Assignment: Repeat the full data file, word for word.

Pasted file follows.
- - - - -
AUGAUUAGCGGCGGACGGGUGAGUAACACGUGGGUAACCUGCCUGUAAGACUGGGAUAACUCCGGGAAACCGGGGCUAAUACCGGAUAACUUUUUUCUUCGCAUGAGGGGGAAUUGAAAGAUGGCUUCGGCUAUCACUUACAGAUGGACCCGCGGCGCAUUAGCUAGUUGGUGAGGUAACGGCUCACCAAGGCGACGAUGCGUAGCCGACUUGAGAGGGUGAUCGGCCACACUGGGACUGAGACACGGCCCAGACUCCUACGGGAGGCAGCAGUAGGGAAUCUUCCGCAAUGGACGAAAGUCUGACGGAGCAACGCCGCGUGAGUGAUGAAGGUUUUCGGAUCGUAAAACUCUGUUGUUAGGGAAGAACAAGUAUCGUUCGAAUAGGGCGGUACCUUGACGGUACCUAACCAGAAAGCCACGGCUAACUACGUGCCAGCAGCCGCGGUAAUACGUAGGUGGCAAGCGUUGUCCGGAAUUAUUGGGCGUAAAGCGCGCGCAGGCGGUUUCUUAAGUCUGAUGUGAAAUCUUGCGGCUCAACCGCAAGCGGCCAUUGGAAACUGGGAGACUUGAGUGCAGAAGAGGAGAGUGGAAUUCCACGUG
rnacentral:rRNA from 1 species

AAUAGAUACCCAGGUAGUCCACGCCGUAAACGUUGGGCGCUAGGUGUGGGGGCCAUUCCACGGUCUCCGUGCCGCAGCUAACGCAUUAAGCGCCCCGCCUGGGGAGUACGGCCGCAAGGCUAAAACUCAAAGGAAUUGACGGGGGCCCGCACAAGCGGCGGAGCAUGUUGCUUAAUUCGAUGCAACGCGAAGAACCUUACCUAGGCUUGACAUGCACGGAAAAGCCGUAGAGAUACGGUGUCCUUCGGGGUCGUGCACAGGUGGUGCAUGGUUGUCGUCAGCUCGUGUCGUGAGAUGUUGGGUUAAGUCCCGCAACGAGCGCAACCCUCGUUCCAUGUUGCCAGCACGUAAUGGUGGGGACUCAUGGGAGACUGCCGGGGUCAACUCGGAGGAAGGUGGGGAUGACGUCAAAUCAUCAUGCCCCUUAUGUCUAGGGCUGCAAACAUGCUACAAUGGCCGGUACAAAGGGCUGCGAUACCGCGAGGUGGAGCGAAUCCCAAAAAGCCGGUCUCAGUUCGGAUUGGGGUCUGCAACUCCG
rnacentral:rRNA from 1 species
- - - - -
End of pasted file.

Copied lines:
AUGAUUAGCGGCGGACGGGUGAGUAACACGUGGGUAACCUGCCUGUAAGACUGGGAUAACUCCGGGAAACCGGGGCUAAUACCGGAUAACUUUUUUCUUCGCAUGAGGGGGAAUUGAAAGAUGGCUUCGGCUAUCACUUACAGAUGGACCCGCGGCGCAUUAGCUAGUUGGUGAGGUAACGGCUCACCAAGGCGACGAUGCGUAGCCGACUUGAGAGGGUGAUCGGCCACACUGGGACUGAGACACGGCCCAGACUCCUACGGGAGGCAGCAGUAGGGAAUCUUCCGCAAUGGACGAAAGUCUGACGGAGCAACGCCGCGUGAGUGAUGAAGGUUUUCGGAUCGUAAAACUCUGUUGUUAGGGAAGAACAAGUAUCGUUCGAAUAGGGCGGUACCUUGACGGUACCUAACCAGAAAGCCACGGCUAACUACGUGCCAGCAGCCGCGGUAAUACGUAGGUGGCAAGCGUUGUCCGGAAUUAUUGGGCGUAAAGCGCGCGCAGGCGGUUUCUUAAGUCUGAUGUGAAAUCUUGCGGCUCAACCGCAAGCGGCCAUUGGAAACUGGGAGACUUGAGUGCAGAAGAGGAGAGUGGAAUUCCACGUG
rnacentral:rRNA from 1 species

AAUAGAUACCCAGGUAGUCCACGCCGUAAACGUUGGGCGCUAGGUGUGGGGGCCAUUCCACGGUCUCCGUGCCGCAGCUAACGCAUUAAGCGCCCCGCCUGGGGAGUACGGCCGCAAGGCUAAAACUCAAAGGAAUUGACGGGGGCCCGCACAAGCGGCGGAGCAUGUUGCUUAAUUCGAUGCAACGCGAAGAACCUUACCUAGGCUUGACAUGCACGGAAAAGCCGUAGAGAUACGGUGUCCUUCGGGGUCGUGCACAGGUGGUGCAUGGUUGUCGUCAGCUCGUGUCGUGAGAUGUUGGGUUAAGUCCCGCAACGAGCGCAACCCUCGUUCCAUGUUGCCAGCACGUAAUGGUGGGGACUCAUGGGAGACUGCCGGGGUCAACUCGGAGGAAGGUGGGGAUGACGUCAAAUCAUCAUGCCCCUUAUGUCUAGGGCUGCAAACAUGCUACAAUGGCCGGUACAAAGGGCUGCGAUACCGCGAGGUGGAGCGAAUCCCAAAAAGCCGGUCUCAGUUCGGAUUGGGGUCUGCAACUCCG
rnacentral:rRNA from 1 species